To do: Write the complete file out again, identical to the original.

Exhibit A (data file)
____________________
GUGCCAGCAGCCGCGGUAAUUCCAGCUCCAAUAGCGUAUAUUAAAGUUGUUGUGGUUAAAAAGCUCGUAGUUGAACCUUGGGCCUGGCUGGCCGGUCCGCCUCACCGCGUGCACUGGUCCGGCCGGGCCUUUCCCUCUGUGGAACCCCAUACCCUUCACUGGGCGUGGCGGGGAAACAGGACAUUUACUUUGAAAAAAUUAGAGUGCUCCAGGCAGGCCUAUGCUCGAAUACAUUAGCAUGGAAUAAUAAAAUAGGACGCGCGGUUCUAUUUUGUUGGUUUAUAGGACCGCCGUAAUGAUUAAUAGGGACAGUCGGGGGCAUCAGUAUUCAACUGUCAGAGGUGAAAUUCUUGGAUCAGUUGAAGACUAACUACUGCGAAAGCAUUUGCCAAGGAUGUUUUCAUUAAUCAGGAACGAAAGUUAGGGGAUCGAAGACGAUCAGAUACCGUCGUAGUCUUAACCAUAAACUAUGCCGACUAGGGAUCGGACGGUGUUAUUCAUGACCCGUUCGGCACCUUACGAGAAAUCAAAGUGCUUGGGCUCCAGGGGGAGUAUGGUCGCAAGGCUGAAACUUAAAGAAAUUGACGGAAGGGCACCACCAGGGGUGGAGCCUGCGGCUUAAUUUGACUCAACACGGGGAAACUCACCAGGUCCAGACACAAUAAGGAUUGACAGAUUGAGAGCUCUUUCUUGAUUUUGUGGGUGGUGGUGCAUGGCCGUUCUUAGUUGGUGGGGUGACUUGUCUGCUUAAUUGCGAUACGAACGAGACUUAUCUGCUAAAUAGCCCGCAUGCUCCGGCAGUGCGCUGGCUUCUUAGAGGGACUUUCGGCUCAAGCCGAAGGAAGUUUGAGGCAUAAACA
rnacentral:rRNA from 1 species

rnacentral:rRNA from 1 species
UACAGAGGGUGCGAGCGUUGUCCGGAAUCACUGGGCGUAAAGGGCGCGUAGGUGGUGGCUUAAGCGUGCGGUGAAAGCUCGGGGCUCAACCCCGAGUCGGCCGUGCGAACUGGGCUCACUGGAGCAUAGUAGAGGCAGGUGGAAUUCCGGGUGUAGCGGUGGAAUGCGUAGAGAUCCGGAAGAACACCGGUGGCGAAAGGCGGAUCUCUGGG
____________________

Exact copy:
GUGCCAGCAGCCGCGGUAAUUCCAGCUCCAAUAGCGUAUAUUAAAGUUGUUGUGGUUAAAAAGCUCGUAGUUGAACCUUGGGCCUGGCUGGCCGGUCCGCCUCACCGCGUGCACUGGUCCGGCCGGGCCUUUCCCUCUGUGGAACCCCAUACCCUUCACUGGGCGUGGCGGGGAAACAGGACAUUUACUUUGAAAAAAUUAGAGUGCUCCAGGCAGGCCUAUGCUCGAAUACAUUAGCAUGGAAUAAUAAAAUAGGACGCGCGGUUCUAUUUUGUUGGUUUAUAGGACCGCCGUAAUGAUUAAUAGGGACAGUCGGGGGCAUCAGUAUUCAACUGUCAGAGGUGAAAUUCUUGGAUCAGUUGAAGACUAACUACUGCGAAAGCAUUUGCCAAGGAUGUUUUCAUUAAUCAGGAACGAAAGUUAGGGGAUCGAAGACGAUCAGAUACCGUCGUAGUCUUAACCAUAAACUAUGCCGACUAGGGAUCGGACGGUGUUAUUCAUGACCCGUUCGGCACCUUACGAGAAAUCAAAGUGCUUGGGCUCCAGGGGGAGUAUGGUCGCAAGGCUGAAACUUAAAGAAAUUGACGGAAGGGCACCACCAGGGGUGGAGCCUGCGGCUUAAUUUGACUCAACACGGGGAAACUCACCAGGUCCAGACACAAUAAGGAUUGACAGAUUGAGAGCUCUUUCUUGAUUUUGUGGGUGGUGGUGCAUGGCCGUUCUUAGUUGGUGGGGUGACUUGUCUGCUUAAUUGCGAUACGAACGAGACUUAUCUGCUAAAUAGCCCGCAUGCUCCGGCAGUGCGCUGGCUUCUUAGAGGGACUUUCGGCUCAAGCCGAAGGAAGUUUGAGGCAUAAACA
rnacentral:rRNA from 1 species

rnacentral:rRNA from 1 species
UACAGAGGGUGCGAGCGUUGUCCGGAAUCACUGGGCGUAAAGGGCGCGUAGGUGGUGGCUUAAGCGUGCGGUGAAAGCUCGGGGCUCAACCCCGAGUCGGCCGUGCGAACUGGGCUCACUGGAGCAUAGUAGAGGCAGGUGGAAUUCCGGGUGUAGCGGUGGAAUGCGUAGAGAUCCGGAAGAACACCGGUGGCGAAAGGCGGAUCUCUGGG